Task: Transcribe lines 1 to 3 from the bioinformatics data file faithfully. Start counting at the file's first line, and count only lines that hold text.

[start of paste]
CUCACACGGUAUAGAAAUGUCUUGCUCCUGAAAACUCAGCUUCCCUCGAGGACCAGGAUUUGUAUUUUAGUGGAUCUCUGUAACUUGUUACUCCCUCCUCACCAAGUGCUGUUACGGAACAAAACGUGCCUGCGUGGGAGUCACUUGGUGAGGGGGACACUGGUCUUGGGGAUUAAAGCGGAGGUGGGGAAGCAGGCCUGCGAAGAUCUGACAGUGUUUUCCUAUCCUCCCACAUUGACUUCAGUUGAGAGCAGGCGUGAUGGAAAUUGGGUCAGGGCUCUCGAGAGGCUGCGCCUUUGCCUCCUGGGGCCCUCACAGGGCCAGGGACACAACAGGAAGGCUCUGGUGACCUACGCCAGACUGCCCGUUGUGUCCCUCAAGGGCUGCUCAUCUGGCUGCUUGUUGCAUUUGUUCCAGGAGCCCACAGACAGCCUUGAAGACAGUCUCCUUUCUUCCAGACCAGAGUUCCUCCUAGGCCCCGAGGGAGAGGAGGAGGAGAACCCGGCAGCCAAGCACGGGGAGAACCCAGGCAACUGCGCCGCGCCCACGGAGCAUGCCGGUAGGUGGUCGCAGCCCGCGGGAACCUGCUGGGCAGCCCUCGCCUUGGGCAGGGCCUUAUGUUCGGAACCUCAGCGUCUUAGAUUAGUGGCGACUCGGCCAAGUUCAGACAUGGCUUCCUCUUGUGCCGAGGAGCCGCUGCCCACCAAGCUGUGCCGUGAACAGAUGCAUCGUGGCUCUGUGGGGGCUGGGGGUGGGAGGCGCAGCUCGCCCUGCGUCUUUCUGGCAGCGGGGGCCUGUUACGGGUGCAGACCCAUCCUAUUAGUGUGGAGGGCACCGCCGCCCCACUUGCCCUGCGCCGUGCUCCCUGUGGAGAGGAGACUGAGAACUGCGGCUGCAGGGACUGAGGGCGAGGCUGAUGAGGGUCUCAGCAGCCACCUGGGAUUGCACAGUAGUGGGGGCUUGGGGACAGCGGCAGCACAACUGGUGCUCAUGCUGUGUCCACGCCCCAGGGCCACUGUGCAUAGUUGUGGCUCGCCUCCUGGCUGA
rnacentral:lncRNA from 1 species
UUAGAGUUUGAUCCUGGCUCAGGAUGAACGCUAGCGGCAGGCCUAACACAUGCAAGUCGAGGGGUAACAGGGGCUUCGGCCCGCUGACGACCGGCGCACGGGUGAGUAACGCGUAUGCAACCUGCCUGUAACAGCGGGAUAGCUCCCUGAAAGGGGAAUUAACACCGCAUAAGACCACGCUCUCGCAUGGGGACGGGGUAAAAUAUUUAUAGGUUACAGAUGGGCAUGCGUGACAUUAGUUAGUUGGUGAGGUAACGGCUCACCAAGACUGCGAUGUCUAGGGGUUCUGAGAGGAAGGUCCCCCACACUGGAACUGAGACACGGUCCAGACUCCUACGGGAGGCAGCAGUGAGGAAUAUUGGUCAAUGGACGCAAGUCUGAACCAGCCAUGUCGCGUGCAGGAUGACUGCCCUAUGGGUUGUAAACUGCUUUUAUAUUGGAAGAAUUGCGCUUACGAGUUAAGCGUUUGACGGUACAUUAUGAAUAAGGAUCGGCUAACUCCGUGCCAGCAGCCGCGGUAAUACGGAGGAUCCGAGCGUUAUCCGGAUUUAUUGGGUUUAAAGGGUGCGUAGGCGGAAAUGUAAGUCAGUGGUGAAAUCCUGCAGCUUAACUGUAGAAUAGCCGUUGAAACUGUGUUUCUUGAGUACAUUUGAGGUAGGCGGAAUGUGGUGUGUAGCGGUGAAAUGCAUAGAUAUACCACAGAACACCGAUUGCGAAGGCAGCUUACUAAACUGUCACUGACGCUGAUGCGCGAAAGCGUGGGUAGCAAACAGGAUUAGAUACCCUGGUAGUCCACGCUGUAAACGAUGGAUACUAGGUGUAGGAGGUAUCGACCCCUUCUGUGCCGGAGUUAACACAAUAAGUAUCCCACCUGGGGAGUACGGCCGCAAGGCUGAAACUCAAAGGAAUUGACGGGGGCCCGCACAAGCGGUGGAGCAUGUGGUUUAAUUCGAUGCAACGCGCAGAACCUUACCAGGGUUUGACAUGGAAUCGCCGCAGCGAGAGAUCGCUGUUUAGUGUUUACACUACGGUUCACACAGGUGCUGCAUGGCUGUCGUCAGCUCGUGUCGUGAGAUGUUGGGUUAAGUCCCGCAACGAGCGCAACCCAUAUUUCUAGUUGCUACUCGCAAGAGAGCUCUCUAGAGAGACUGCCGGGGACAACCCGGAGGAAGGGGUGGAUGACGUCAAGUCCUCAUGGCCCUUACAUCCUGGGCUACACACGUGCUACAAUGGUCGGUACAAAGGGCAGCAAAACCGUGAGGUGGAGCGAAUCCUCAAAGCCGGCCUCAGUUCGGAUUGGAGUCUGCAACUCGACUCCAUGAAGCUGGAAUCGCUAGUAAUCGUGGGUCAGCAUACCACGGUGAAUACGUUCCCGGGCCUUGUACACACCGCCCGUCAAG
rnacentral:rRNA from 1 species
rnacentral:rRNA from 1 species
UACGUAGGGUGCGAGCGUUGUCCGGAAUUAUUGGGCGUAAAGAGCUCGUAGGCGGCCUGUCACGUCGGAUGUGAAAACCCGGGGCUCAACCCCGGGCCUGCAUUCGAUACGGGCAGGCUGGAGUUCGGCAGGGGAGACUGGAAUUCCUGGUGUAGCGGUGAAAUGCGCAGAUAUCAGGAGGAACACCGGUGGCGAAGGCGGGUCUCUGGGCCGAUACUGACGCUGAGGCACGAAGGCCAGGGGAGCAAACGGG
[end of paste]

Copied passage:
CUCACACGGUAUAGAAAUGUCUUGCUCCUGAAAACUCAGCUUCCCUCGAGGACCAGGAUUUGUAUUUUAGUGGAUCUCUGUAACUUGUUACUCCCUCCUCACCAAGUGCUGUUACGGAACAAAACGUGCCUGCGUGGGAGUCACUUGGUGAGGGGGACACUGGUCUUGGGGAUUAAAGCGGAGGUGGGGAAGCAGGCCUGCGAAGAUCUGACAGUGUUUUCCUAUCCUCCCACAUUGACUUCAGUUGAGAGCAGGCGUGAUGGAAAUUGGGUCAGGGCUCUCGAGAGGCUGCGCCUUUGCCUCCUGGGGCCCUCACAGGGCCAGGGACACAACAGGAAGGCUCUGGUGACCUACGCCAGACUGCCCGUUGUGUCCCUCAAGGGCUGCUCAUCUGGCUGCUUGUUGCAUUUGUUCCAGGAGCCCACAGACAGCCUUGAAGACAGUCUCCUUUCUUCCAGACCAGAGUUCCUCCUAGGCCCCGAGGGAGAGGAGGAGGAGAACCCGGCAGCCAAGCACGGGGAGAACCCAGGCAACUGCGCCGCGCCCACGGAGCAUGCCGGUAGGUGGUCGCAGCCCGCGGGAACCUGCUGGGCAGCCCUCGCCUUGGGCAGGGCCUUAUGUUCGGAACCUCAGCGUCUUAGAUUAGUGGCGACUCGGCCAAGUUCAGACAUGGCUUCCUCUUGUGCCGAGGAGCCGCUGCCCACCAAGCUGUGCCGUGAACAGAUGCAUCGUGGCUCUGUGGGGGCUGGGGGUGGGAGGCGCAGCUCGCCCUGCGUCUUUCUGGCAGCGGGGGCCUGUUACGGGUGCAGACCCAUCCUAUUAGUGUGGAGGGCACCGCCGCCCCACUUGCCCUGCGCCGUGCUCCCUGUGGAGAGGAGACUGAGAACUGCGGCUGCAGGGACUGAGGGCGAGGCUGAUGAGGGUCUCAGCAGCCACCUGGGAUUGCACAGUAGUGGGGGCUUGGGGACAGCGGCAGCACAACUGGUGCUCAUGCUGUGUCCACGCCCCAGGGCCACUGUGCAUAGUUGUGGCUCGCCUCCUGGCUGA
rnacentral:lncRNA from 1 species
UUAGAGUUUGAUCCUGGCUCAGGAUGAACGCUAGCGGCAGGCCUAACACAUGCAAGUCGAGGGGUAACAGGGGCUUCGGCCCGCUGACGACCGGCGCACGGGUGAGUAACGCGUAUGCAACCUGCCUGUAACAGCGGGAUAGCUCCCUGAAAGGGGAAUUAACACCGCAUAAGACCACGCUCUCGCAUGGGGACGGGGUAAAAUAUUUAUAGGUUACAGAUGGGCAUGCGUGACAUUAGUUAGUUGGUGAGGUAACGGCUCACCAAGACUGCGAUGUCUAGGGGUUCUGAGAGGAAGGUCCCCCACACUGGAACUGAGACACGGUCCAGACUCCUACGGGAGGCAGCAGUGAGGAAUAUUGGUCAAUGGACGCAAGUCUGAACCAGCCAUGUCGCGUGCAGGAUGACUGCCCUAUGGGUUGUAAACUGCUUUUAUAUUGGAAGAAUUGCGCUUACGAGUUAAGCGUUUGACGGUACAUUAUGAAUAAGGAUCGGCUAACUCCGUGCCAGCAGCCGCGGUAAUACGGAGGAUCCGAGCGUUAUCCGGAUUUAUUGGGUUUAAAGGGUGCGUAGGCGGAAAUGUAAGUCAGUGGUGAAAUCCUGCAGCUUAACUGUAGAAUAGCCGUUGAAACUGUGUUUCUUGAGUACAUUUGAGGUAGGCGGAAUGUGGUGUGUAGCGGUGAAAUGCAUAGAUAUACCACAGAACACCGAUUGCGAAGGCAGCUUACUAAACUGUCACUGACGCUGAUGCGCGAAAGCGUGGGUAGCAAACAGGAUUAGAUACCCUGGUAGUCCACGCUGUAAACGAUGGAUACUAGGUGUAGGAGGUAUCGACCCCUUCUGUGCCGGAGUUAACACAAUAAGUAUCCCACCUGGGGAGUACGGCCGCAAGGCUGAAACUCAAAGGAAUUGACGGGGGCCCGCACAAGCGGUGGAGCAUGUGGUUUAAUUCGAUGCAACGCGCAGAACCUUACCAGGGUUUGACAUGGAAUCGCCGCAGCGAGAGAUCGCUGUUUAGUGUUUACACUACGGUUCACACAGGUGCUGCAUGGCUGUCGUCAGCUCGUGUCGUGAGAUGUUGGGUUAAGUCCCGCAACGAGCGCAACCCAUAUUUCUAGUUGCUACUCGCAAGAGAGCUCUCUAGAGAGACUGCCGGGGACAACCCGGAGGAAGGGGUGGAUGACGUCAAGUCCUCAUGGCCCUUACAUCCUGGGCUACACACGUGCUACAAUGGUCGGUACAAAGGGCAGCAAAACCGUGAGGUGGAGCGAAUCCUCAAAGCCGGCCUCAGUUCGGAUUGGAGUCUGCAACUCGACUCCAUGAAGCUGGAAUCGCUAGUAAUCGUGGGUCAGCAUACCACGGUGAAUACGUUCCCGGGCCUUGUACACACCGCCCGUCAAG